In the future we intend to create a multi-season TV series – the length of the show, number of episodes per season and number of seasons will most likely depend on the genre we decide to go with.
Once we had conceptualised our project plan, we divided up various genres and each wrote two one-page scripts to shoot as a rough exercise. These informal shoots will be using ourselves and/or friends as actors
Once we have shot all of the scripts, we will choose which genre we feel best fits the premise and will be strongest as a series.
From this we intend to create an extended scene as well a series trailer for our prototype. It is likely that we’ll first shoot these using us and our friends as actors, and then make a more finalised draft with professional actors.
Each person talk about the scripts you’ve written. The genre/style/format.
Talk about/show our fantastic timeline
With that, I created the slides as well as reference to the checklist we made during the consultation with Paul.
Here’s the PDF version of our presentation: 10SEPT PITCH PRESENTATION
This week we had Stayci during our consultation. We went straight to business on pitching our idea for our group project. The idea was using a baseline of a serialised television show with different genres. We were trying to break out of the typical procedure in pitching and creating a new television series. Instead of selecting a genre and work around that, we decided to work our way into the series by filming the various genres of scripts.
In other words, our research is to figure out an unconventional procedure of creating television shows.
Stayci mentioned that we have a basic understanding on where we would like to head in the future. To get started, we decided that as a group, we would come up with as many scripts of various genres to help prompt our prototype. After that we would film the scripts as our sketches to try to find something. Then we would create a intro scenes to show for our presentation in Week 12.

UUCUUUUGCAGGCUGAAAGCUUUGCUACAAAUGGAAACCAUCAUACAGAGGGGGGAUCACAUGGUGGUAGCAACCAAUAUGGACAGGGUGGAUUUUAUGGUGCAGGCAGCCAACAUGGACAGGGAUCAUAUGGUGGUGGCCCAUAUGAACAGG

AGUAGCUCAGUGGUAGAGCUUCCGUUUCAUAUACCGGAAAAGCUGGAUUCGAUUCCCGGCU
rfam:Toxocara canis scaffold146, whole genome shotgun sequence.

For our individual assignments Kerri delegated was to write two scripts of two different genres to help kickstart our project. I chose to write a comedy first. It’s not completed but the idea is having a cook-off between the flatmates. It turns from daily sitcom show to a reality TV Masterchef competition.
Here it is: Yun’s COMEDY COOK-OFF
On Thursday, we were presenting our edits for Week 4B’s shoot. Just to briefly jot down my thoughts on it.
I learnt today that there are just many ways to create or set the atmosphere with just a few shots. My edit and one of my group mate’s edit was completely different mood. Mine was the typical let the dialogue drive the film while my group mate’s black and white tone with the slowed down zoom created the bleak and dramatic ambience. I am quite fascinated by the vast difference despite using the same shots. My greatest concern was the continuity of the shots from one angle to the other while his was just driving the narrative into his interpretation of the script.
Just like the previous exercise, my edits were quick and short while my peer had created a tension / suspense at the beginning of the edit. This style of learning has proved useful to me. I could try and incorporate that style of visualisation in my scripts next time.
creativity is not just raw talent but through experience and exposure to the art…
My perspective on trying to BE “creative” has been all wrong. I wouldn’t say it’s a mistake but I would say that I have been looking in the wrong direction.
We had a little film discussion with Paul today. He showed a few film clips and what we as media students should consider. I was exposed to lighting techniques that I have never thought of before. I could not tell whether it was practical to take during dawn or dusk. I could not even tell that the characters or even animals’ colour or appearance has to be considered to make the shot aesthetically pleasing.
This understanding of years of experience is what makes the films a “grade A” film. When Paul mentioned about collecting a bank of film shots or scenes that might inspire you or make you go “wow I need to know how they did this”, I thought back to how I sat and watch films. I realise every time I exit the cinema, I am already discussing with my friends my favourite shots or scenes but I never keep track of those scenes. They are usually forgotten. Now that I think about it, the best way to learn is going back to the inspirations that got me excited and to try and reconstruct them. My previous studio, Online Video Experiment, we went small and specific on an online video by reconstructing and recreating our case studies.